The detailed anatomical distribution of iron in the post-mortem human brain has been studied using Perl’s and Turnbull’s methods with the diaminobenzidine intensification procedure for the demonstration of non-haem Fe3+
respectively. Attention to methodological procedures has revealed that even brief immersion of tissue in routinely used fixatives causes a reduction of staining intensity in areas of high iron content and, often, loss of staining in areas of low iron content. Optimal staining is obtained using frozen section briefly fixed for 5 min in 4% formalin and Perl’s stain (Fe3+
) with diaminobenzidine intensification. Highest levels of stainable iron were found in the extrapyramidal system with the globus pallidus, substantia nigra zona reticulata, red nucleus and myelinated fibres of the putamen showing highest staining reactivity. Moderate staining intensity with Perl’s technique was found in the majority of forebrain, midbrain and cerebellar structures with the striatum, thalamus, cortex and deep white matter, substantia nigra zona compacta, and cerebellar cortex showing consistent staining patterns with intensification of Perl’s stain. The brain-stem and spinal cord generally only showed staining with the intensification procedure and even this was of low intensity. Microscopically the non-heam iron appears to be found predominantly in glial cells as fine cytoplasmic granules which in heavily stained areas coalesce to fill the entire cell. Iron-positive granules appear to be free in the neuropil and also around blood vessels in the globus pallidus, striatum and substantia nigra. The neuropil shows a fibrous impregnation when stained for iron which is, in part, derived from glial processes, myelinated fibres and fibre bundles. Neurones, in general, show only very low reactivity for iron, and this is difficult to discern due, often, to the higher reactivity of the surrounding neuropil. In the globus pallidus and substantia nigra zona reticulata, neurones with highly stainable iron content are found with granular cytoplasmic iron reactivity similar to that seen in the local glial cells. Our results are comparable with those of early workers, but with the use of intensification extend the distribution of non-haem iron to areas previously reported as negative. No apparent correlation of iron staining with known neurotransmitter systems is seen and the predilection for the extrapyramidal system is not easily explained, though the non-haem iron in the brain appears to be as a storage form in the iron storage protein ferritin. The localization of iron in the brain provides a foundation for the study of iron in certain neurodegenerative diseases such as Parkinson’s disease, where iron has been implicated in the pathogenesis.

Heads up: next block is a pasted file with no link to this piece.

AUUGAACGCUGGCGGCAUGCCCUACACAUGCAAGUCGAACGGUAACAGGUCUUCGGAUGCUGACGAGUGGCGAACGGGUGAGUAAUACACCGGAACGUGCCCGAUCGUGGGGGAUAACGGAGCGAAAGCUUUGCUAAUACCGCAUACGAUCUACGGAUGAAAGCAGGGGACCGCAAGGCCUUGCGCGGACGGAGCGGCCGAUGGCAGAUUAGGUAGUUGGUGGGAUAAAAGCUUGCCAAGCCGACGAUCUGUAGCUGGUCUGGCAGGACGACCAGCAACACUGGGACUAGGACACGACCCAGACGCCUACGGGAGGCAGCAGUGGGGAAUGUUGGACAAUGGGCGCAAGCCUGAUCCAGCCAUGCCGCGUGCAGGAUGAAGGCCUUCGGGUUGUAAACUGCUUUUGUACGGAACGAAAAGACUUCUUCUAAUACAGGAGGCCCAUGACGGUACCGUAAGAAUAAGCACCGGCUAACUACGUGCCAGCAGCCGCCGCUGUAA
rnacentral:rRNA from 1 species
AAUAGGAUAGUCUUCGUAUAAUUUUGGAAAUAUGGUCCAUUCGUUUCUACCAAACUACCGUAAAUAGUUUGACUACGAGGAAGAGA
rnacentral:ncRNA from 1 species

C.M. Morris, MRC Neurochemical Pathology Unit, Newcastle General Hospital, Westgate Road, Newcastle upon Tyne NE4 6BE (UK)
Received: October 15, 1991
Accepted: January 6, 1992
Published online: July 16, 2008
Number of Print Pages : 23
Cells Tissues Organs (in vivo, in vitro)
Vol. 144, No. 3, Year 1992 (Cover Date: 1992)
Journal Editor: Denker H.-W. (Essen), English A.W. (Atlanta, Ga.)
ISSN: 1422–6405 (Print), eISSN: 1422–6421 (Online)
For additional information: http://www.karger.com/CTO
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